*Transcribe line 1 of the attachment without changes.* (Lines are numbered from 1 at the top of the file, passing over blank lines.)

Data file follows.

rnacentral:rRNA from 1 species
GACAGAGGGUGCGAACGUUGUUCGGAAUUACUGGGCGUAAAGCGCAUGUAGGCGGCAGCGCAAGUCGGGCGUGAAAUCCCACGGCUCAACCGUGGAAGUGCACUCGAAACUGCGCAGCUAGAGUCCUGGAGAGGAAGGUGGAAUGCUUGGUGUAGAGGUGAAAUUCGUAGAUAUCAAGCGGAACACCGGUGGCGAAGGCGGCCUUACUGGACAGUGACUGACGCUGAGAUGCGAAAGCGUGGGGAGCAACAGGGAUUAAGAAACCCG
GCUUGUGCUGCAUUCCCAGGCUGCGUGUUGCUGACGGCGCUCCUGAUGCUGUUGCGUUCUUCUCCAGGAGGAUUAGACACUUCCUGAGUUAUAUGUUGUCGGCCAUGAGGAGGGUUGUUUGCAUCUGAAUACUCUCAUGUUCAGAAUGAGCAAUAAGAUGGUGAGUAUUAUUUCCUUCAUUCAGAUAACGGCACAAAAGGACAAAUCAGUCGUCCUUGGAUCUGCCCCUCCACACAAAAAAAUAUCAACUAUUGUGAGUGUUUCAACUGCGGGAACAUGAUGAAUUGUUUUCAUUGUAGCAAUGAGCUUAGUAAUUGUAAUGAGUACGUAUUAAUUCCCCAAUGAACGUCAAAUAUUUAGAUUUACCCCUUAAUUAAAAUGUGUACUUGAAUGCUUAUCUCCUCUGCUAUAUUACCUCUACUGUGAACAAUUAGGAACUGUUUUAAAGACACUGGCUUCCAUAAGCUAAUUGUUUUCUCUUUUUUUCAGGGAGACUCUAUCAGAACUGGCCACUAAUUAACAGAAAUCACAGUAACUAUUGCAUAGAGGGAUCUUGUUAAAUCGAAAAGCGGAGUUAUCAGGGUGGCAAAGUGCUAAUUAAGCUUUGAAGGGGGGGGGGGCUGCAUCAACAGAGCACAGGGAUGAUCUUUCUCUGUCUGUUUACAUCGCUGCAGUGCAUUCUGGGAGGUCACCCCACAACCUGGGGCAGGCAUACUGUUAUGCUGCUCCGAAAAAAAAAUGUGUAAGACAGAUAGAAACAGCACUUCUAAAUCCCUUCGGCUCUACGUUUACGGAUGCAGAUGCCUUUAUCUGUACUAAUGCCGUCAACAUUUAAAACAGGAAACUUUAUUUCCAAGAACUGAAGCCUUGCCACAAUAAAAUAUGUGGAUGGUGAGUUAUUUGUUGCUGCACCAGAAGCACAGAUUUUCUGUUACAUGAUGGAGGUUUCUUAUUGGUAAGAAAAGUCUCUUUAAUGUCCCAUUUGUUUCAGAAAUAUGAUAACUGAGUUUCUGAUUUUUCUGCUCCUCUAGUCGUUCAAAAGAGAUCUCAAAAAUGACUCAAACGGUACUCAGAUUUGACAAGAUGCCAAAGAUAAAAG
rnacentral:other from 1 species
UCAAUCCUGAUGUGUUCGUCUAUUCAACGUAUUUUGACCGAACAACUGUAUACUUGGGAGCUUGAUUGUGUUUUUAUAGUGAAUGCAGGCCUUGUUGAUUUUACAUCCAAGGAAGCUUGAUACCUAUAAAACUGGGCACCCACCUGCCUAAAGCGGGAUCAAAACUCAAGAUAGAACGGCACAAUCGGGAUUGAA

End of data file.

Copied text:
rnacentral:rRNA from 1 species